The HR and Social Media Mashup
HR & Social Media Go Hand in Hand
Social media policies are becoming the norm in many companies. Businesses are utilizing the benefits of social media posting to increase their reach. As a result, HR and Social Media are dancing together a lot more. So how do you know where to draw the line with your employees?
Rhonda Lee, an African-American meteorologist in Shreveport, LA was fired from station KTBS after defending her ethnicity on Facebook. A viewer posted a comment on the station’s Facebook page directed at Lee, stating he had issues with Lee’s short and natural hairstyle:
“The black lady that does the news is a very nice lady. The only thing is she needs to wear a wig or grow some more hair. I’m not sure if she is a cancer patient. But still its not something myself that I think looks good on TV. What about letting someone, a male, have waist long hair do the news. What about that?”
After waiting several days to see if the station itself would take action, Lee decided to comment back to the viewer, “I am the ‘black lady’ to which you are referring…I’m sorry you don’t like my ethnic hair. And no I don’t have cancer.” Lee commented further on the matter, which led to the viewer apologizing for his comment.
After another Facebook incident several weeks later with the same viewer, Lee was fired from her job. KTBS stated that she was not fired due to her hairstyle, but “for the repeated violation of the company policy.” This incident has sparked much controversy over whether the station was right to fire Lee or if she was wrongfully dismissed. It comes down to company policy.
Deciding What’s Right for Your Company
Social media policies will vary from business to business, depending on the type of business you conduct and how social media can help grow your relationships. There are sample policies available which can serve as a starting point or you can consult a certified HR professional for language. APS Payroll is very active in certain social networks that are important for B2B relationship building. We have a social media policy that addresses particular concerns and needs of our business.
Spilman, Thomas & Battle, PLLC Member Eric E. Kinder further discusses how employers should address the growing use of the social media in this informative video.
On the other side of the coin, make sure your company’s social media policy does not contain provisions that could be considered unlawful. According to the National Labor Relations Board (NLRB), these would include:
- Policies concerning an employer’s attempt to protect confidential information may be unlawful.
- Example: A policy prohibiting employees from online discussions regarding “confidential guests, team members or company information” is unlawful because the policy could be shown as the employer prohibiting employees from disclosing information regarding their own terms and conditions of employment (which is a protected activity).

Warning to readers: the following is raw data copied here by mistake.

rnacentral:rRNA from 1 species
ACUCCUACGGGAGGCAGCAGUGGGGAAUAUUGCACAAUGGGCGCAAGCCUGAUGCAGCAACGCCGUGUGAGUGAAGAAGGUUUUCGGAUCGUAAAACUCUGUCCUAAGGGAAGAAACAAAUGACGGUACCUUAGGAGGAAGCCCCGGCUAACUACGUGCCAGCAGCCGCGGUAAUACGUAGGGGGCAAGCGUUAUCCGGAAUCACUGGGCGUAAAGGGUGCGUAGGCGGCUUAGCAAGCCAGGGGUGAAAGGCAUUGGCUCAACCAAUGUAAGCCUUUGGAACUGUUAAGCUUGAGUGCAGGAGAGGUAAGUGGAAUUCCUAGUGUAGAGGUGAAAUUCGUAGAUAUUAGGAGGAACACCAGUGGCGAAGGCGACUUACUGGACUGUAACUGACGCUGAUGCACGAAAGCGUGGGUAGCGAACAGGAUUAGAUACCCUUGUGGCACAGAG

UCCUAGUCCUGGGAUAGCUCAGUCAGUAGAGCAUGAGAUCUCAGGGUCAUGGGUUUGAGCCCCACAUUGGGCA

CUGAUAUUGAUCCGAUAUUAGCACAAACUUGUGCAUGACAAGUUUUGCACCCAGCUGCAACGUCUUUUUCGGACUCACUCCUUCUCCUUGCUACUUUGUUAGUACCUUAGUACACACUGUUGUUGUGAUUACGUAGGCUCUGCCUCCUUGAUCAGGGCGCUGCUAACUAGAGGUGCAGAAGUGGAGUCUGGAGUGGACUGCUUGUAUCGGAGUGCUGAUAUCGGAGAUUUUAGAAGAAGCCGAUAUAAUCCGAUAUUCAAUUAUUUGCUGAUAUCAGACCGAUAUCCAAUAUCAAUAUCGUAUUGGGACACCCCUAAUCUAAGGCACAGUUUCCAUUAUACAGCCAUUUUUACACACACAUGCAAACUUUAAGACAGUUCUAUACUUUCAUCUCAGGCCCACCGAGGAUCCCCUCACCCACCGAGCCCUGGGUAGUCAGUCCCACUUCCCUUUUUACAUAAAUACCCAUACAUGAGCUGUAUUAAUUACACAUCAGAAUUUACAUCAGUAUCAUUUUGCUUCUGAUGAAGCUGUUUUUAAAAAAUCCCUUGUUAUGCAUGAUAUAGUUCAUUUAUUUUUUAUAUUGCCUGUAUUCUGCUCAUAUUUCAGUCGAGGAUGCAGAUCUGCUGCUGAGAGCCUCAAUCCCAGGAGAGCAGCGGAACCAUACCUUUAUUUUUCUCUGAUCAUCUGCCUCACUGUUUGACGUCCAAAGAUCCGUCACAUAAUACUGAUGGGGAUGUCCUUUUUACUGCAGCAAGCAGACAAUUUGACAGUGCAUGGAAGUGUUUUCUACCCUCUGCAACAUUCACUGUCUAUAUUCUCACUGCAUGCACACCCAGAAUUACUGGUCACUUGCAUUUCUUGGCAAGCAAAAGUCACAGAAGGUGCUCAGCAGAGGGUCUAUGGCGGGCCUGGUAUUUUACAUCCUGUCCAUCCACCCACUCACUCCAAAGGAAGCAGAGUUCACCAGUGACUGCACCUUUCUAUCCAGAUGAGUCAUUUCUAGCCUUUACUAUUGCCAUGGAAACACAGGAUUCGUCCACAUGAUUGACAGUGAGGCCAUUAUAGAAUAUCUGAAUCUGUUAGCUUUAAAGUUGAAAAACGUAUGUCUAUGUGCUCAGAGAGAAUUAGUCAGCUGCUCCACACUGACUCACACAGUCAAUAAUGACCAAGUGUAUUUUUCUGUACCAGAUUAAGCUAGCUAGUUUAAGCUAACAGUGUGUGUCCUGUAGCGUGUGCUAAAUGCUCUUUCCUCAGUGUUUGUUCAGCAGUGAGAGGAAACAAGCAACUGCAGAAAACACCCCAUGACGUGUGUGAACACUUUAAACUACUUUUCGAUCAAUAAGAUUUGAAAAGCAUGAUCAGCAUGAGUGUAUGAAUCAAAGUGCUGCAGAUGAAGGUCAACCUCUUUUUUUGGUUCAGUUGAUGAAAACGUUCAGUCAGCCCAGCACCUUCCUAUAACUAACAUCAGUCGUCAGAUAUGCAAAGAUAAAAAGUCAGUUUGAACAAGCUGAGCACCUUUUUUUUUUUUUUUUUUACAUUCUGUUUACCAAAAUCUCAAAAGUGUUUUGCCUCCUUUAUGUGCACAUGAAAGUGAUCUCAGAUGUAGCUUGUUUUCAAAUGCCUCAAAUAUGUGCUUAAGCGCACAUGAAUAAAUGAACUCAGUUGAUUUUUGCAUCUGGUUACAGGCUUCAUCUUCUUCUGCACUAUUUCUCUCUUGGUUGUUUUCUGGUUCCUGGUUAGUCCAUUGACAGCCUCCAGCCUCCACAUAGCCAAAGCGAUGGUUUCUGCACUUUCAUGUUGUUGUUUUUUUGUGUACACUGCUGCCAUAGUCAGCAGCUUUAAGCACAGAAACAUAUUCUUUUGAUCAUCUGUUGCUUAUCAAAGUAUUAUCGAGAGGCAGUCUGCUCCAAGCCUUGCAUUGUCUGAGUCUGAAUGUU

- Policies that aim to show peaceful relations amongst staff may be unlawful.
- Example: A policy intended to reduce conflicts amongst employees (that may include controversial issues) can be unlawful depending on the topic. If the topic is about working conditions, it can be interpreted as inhibiting Section 7 rights, if employees are prohibited from discussing such matters (either verbally or in an online format).
- Policies about employer image protections may be unlawful.
- Example: If the employer enforces a policy suggesting that employees are prohibited from commenting on legal matters, including pending litigation or disputes, the company may be unlawfully restricting employee communications. In addition, if an employer restricts which employees are permitted to discuss company information with the media, it may be unlawful. The NLRB stated that: “[e]mployees have a protected right to seek help from third parties regarding their working conditions,” so employers may not restrict social media comments to non-public forums only.
It is important to have your company’s social media policy reviewed by your HR Professional, or if you are the HR Professional, by your company’s legal counsel. This will ensure it does not violate an employee’s Section 7 rights.
Effective Tracking of Company Policies with Technology
Once you have your social media policy in place, the next step is to ensure you have a definitive record of employee signatures showing the policy has been viewed and acknowledged. Through the use of HR software that includes document management, you can effectively track policy compliance across your entire organization.
The trend in the HR industry is toward a unified software that is delivered through the cloud. For more information about how to put a solution like this in place for your company, contact an APS sales representative.
Source for Rhonda Lee story - Washington Post